The youngest and most disadvantaged recruits are the most vulnerable to these issues. Further, the Army likes to present itself as a social mobility boost for young people, but in fact the youngest and most disadvantaged are also the most likely to drop out of the army early and be at risk of unemployment and deprivation. We discuss this further here.

The First Ambush also demonstrates that the risk of violent offending and heavy drinking rises after joining the army. A study in 2013 found that enlistees were less likely to commit crime in general after enlistment, but more likely to commit violent and sexual offences. After deployment, the risk is doubled relative to the pre-enlistment offending rate.

24/06/2017

ForcesWatch comment

This article was first published in The Morning Star

This weekend, celebrations of the British armed forces will take place across the UK. Councils up and down the country are organising and supporting military parades, displays of weapons and 'military assets' and military-themed family entertainment.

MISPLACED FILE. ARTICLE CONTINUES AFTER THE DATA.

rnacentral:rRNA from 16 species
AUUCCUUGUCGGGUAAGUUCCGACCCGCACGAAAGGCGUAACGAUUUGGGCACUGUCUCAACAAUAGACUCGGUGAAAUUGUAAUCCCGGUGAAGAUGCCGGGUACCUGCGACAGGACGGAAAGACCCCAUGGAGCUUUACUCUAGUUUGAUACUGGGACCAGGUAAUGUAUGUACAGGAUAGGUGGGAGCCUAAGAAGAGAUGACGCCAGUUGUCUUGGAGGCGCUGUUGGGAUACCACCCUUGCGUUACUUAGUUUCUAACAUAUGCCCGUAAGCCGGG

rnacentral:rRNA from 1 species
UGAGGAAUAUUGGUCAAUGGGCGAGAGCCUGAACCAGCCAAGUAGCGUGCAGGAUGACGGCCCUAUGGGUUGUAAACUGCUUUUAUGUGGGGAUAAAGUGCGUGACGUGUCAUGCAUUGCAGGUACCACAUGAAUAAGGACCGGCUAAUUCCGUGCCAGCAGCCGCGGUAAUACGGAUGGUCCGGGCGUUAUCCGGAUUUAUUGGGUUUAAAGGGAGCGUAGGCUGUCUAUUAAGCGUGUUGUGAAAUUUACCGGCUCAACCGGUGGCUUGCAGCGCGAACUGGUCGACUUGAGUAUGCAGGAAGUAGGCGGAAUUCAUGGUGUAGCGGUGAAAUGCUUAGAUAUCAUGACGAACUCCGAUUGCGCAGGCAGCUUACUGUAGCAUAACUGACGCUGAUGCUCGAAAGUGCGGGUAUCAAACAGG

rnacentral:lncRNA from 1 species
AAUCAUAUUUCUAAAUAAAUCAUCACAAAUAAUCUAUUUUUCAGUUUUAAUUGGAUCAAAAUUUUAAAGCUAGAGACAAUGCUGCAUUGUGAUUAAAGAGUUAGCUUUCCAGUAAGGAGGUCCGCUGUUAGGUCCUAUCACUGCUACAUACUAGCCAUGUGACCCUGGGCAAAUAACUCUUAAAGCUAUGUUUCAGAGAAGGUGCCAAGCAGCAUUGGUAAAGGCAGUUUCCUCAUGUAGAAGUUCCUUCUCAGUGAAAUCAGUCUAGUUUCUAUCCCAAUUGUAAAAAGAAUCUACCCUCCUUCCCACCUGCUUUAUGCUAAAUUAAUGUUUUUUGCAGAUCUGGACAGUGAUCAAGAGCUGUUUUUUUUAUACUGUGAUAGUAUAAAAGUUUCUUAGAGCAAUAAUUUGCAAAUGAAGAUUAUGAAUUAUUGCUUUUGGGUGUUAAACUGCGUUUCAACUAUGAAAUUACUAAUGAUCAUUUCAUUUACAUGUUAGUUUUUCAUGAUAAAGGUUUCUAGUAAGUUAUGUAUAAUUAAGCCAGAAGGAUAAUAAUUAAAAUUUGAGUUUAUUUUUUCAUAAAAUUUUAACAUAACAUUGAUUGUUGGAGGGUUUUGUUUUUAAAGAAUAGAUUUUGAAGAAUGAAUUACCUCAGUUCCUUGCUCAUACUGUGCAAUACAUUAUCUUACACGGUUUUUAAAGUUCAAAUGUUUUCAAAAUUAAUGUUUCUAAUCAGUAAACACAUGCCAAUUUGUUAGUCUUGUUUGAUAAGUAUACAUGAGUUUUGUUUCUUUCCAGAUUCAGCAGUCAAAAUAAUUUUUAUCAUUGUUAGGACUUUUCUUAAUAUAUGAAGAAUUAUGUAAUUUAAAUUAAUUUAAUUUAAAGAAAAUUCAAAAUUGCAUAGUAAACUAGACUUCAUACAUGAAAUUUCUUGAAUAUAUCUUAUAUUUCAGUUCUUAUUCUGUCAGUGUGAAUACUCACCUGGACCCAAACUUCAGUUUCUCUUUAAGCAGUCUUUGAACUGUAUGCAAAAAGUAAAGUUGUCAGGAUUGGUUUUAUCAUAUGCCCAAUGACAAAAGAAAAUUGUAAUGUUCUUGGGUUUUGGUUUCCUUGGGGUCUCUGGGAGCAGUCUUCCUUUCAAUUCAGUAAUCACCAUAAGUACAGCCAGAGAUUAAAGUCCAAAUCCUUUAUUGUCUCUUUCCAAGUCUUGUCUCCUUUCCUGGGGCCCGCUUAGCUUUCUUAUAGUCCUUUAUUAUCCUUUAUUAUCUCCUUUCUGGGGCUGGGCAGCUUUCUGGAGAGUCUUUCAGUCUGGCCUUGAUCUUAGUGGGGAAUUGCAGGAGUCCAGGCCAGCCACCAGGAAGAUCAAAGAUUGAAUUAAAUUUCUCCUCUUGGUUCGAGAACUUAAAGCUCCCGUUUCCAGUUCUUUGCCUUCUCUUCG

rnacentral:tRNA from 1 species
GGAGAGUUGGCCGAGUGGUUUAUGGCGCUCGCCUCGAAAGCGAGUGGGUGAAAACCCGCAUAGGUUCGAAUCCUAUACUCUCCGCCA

The national Armed Forces Day event will be held in Liverpool, with city centre and waterfront events including Army, Navy and RAF 'villages', family zones, fly-pasts and a gun salute.

The event is a big one. Its promotion by Culture Liverpool puts it on par with Mersey River Festival, Liverpool International Music Festival and SGT Pepper at 50.

Activists from Merseyside Peace Network with John Lennon's famous call for peace outside The Cavern Club. They will be holding a peace vigil at Liverpool's Armed Forces Day.

It is a day to reflect on how we got to the point where the armed forces are singled out from other public service professions – some of whom also face everyday danger – for a day of national celebration. What are the long-term implications of further entrenching militarism into our culture and equating armed service with 'family-fun'?

The first Armed Forces Day took place in 2009. It was instituted on the basis of government fear that the military were losing the battle for public opinion after it failures in Iraq and Afghanistan. 

The day is billed as, 'a chance to show your support and salute our forces for all they do.' Any concern that what the armed forces do should be open to debate is blotted out. This demonstration of public support for serving personnel is then transformed into support for the institutions of the military, as councils and partner organisations become its promoters and its recruiting sergeants.